Tuesday, June 13, 1995

Alanis Morissette released Jagged Little Pill: June 13, 1995

image from entertainment.inquirer.net

Originally posted 6/13/2012. Updated 3/9/2013.

Released: 13 June 1995
Tracks: (Click for codes to singles charts.) 1. All I Really Want (10/28/95, #65a US, #59 UK, #14 MR) 2. You Oughta Know (6/17/95, #13a US, #22 UK, #3 AR, #1 MR) 3. Perfect 4. Hand in My Pocket (8/19/95, #15a US, #26 UK, #8 AR, #1 MR, #30 AC) 5. Right Through You 6. Forgiven 7. You Learn (2/24/96, #1a US, #24 UK, #40 AR, #7 MR, #23 AC, air: 1.0 m) 8. Head Over Feet (8/3/96, #3a US, #7 UK, #25 MR, #27 AC) 9. Mary Jane 10. Ironic (1/6/96, #2a US, #11 UK, #18 AR, #1 MR, #28 AC, sales: 0.5 m, air: 1.0 m) 11. Not the Doctor 12. Wake Up 13. You Oughta Know (alternate take)/ Your House (unlisted tracks)

Sales (in millions): 16.0 US, 2.55 UK, 33.0 world (includes US and UK)

Peak: 112 US, 111 UK


Review: Alanis Morissette got her start on the children’s variety show You Can’t Do That on Television at the age of 10. In a move now seemingly replicated by every actress to ever land a show on the Disney channel, she parlayed it into an attempted career as a dance-pop singer. She released two albums in Canada, one of which was a top ten hit, but remained an unknown internationally. Then she left the Great White North, partnered with producer and songwriter Glen Ballard (Paula Abdul’s Forever Your Girl, Wilson Phillips’ self-titled debut) in L.A., and tapped her bitter diary entries of teen angst to transform into an “angry rocker chick.” ZS Of course, she was savvy enough to give her songs enough pop gloss to move over 30 million copies of the album worldwide and inspire “a generation of soundalikes to bare their souls on record.” PR

The song Perfect served as the template. She “improvised the lyrics on the spot, and Ballard played guitar. The version on Jagged Little Pill was the only take they recorded and the first song shared with the record company execs. WK From there on, they aimed to write and record a song a day over 12-16 hour shifts. WK Ballard provided rough instrumentation and Morissette’s vocals were recorded in one or two takes each; those original demo vocals were still used when the tracks were redone in a professional studio later. WK

You Oughta Know

Thematically the song pointed the direction of the album as well. Alanis “snarls, at the top of her formidable lungs, about egregious slights – from parents who suffocate with their expectations.” TMAll I Really Want and Forgiven fester with a barely suppressed rage against institutionalized hypocrisy and what she sees as the emotional dishonesty of the male species.” PR The album’s biggest hit, Ironic, is “Alanis speaking her piece about the perils of being a girl in a fickle-as-fuck world, singing like an acoustic guitar.” RS On lead single You Oughta Know, Alanis “turns jealous bile into something worth hearing EW as she “unleashes her rage at a lover who dumped her for another, threatening to disrupt dinner and taunting him: ‘Everytime I scratch my nails down someone else’s back,’ she rasps, ‘I hope you feel it.’” EW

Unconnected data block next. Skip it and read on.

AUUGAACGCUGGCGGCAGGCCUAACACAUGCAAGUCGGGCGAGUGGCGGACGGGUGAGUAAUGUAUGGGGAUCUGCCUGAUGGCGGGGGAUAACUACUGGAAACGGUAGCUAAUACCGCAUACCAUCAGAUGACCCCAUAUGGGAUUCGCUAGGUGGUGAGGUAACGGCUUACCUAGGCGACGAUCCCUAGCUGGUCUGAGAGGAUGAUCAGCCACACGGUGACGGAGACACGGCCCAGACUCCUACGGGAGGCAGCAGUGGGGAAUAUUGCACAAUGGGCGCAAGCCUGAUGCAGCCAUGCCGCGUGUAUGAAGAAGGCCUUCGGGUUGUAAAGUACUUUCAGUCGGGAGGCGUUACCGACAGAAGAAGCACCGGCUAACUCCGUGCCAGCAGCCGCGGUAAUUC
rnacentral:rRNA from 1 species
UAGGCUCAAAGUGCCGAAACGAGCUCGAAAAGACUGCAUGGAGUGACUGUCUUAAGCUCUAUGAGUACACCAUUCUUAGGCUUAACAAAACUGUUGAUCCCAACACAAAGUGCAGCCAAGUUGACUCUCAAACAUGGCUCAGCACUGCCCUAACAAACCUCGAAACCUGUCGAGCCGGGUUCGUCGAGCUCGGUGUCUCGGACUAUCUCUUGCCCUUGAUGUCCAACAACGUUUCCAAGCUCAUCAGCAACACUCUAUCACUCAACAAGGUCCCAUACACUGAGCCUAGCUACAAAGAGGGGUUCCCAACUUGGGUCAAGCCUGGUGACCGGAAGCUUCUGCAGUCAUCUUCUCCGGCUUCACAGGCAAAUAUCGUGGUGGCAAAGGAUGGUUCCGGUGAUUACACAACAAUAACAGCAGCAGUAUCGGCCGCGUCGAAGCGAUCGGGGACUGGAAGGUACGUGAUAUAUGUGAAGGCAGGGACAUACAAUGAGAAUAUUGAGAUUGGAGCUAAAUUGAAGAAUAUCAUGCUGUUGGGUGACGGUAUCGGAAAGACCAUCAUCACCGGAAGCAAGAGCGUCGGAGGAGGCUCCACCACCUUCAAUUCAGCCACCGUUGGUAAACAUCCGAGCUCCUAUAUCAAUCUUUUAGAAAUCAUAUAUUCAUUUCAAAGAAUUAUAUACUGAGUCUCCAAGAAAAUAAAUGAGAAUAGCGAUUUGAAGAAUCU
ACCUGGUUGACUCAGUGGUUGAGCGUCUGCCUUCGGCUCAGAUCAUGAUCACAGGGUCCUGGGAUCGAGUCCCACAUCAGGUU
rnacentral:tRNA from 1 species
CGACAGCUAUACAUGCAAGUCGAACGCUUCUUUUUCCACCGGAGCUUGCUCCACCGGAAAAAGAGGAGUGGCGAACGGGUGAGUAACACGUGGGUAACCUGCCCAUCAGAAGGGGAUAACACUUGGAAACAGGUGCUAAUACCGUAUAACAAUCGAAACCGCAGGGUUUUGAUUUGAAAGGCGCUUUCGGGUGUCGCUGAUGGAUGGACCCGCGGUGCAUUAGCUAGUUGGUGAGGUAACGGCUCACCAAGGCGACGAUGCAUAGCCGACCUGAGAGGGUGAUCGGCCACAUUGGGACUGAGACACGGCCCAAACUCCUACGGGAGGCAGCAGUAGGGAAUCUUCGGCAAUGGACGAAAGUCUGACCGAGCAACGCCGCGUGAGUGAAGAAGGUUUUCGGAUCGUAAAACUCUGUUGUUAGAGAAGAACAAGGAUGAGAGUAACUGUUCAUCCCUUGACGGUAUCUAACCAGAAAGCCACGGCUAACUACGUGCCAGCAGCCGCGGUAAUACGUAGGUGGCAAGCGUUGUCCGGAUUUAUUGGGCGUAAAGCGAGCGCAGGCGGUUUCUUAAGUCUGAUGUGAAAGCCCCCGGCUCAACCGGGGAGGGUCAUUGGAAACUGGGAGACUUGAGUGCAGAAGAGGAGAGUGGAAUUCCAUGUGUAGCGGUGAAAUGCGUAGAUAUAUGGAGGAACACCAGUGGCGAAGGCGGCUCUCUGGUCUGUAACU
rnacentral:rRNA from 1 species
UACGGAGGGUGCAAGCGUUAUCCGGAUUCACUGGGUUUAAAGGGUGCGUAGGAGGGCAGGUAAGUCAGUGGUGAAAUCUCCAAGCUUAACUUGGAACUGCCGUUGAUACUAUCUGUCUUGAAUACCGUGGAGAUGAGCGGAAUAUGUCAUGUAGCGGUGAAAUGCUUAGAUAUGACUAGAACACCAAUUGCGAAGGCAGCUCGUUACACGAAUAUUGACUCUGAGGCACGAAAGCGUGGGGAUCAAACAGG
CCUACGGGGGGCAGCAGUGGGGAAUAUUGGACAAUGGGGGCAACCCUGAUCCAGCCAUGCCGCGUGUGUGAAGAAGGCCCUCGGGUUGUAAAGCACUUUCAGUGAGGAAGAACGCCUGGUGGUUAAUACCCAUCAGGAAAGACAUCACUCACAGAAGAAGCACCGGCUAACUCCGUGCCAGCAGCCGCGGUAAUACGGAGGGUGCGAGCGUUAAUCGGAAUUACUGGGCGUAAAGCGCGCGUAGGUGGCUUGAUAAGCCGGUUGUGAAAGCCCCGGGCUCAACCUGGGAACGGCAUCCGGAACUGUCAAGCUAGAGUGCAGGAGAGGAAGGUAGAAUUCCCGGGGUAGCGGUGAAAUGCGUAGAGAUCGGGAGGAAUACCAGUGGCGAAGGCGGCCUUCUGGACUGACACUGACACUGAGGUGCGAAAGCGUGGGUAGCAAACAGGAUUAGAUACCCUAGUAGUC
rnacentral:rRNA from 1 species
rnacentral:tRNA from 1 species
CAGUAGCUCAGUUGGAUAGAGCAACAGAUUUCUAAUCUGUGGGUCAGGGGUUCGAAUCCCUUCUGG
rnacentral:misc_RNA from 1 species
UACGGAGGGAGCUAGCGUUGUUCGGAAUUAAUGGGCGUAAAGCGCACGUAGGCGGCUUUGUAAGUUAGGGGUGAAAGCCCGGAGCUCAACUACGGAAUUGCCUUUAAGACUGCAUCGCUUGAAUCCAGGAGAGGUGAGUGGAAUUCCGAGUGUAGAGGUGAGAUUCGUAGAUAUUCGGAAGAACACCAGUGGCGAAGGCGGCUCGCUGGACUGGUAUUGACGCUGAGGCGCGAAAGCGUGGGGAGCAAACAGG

Alanis “isn’t a particularly good singer” AMG but she has a “knack for bringing listeners into the center of her storm” TM as she “chews up and spits out the lyrics in a style reminiscent of Tori Amos at her most melodramatic.” PR She provided an “inside look into the minds and moods of young women who’ve been jilted and scorned,” ZS refuting the “wisdom about how anger is not a terribly constructive emotion.” TM “Every teenage girl who owned it says, ‘she’s not annoying, damn it! She’s me!’” ZS

The album garnered six Grammy nominations, of which Alanis snagged Album of the Year, Best Rock Album, Best Rock Song, and Best Female Rock Vocal Performance. She missed out on Best New Artist and Song of the Year. Until 2010, “she was the youngest person to receive the Album of the Year award, at age 21.” WK It was “a defining disc for her generation.” ZS

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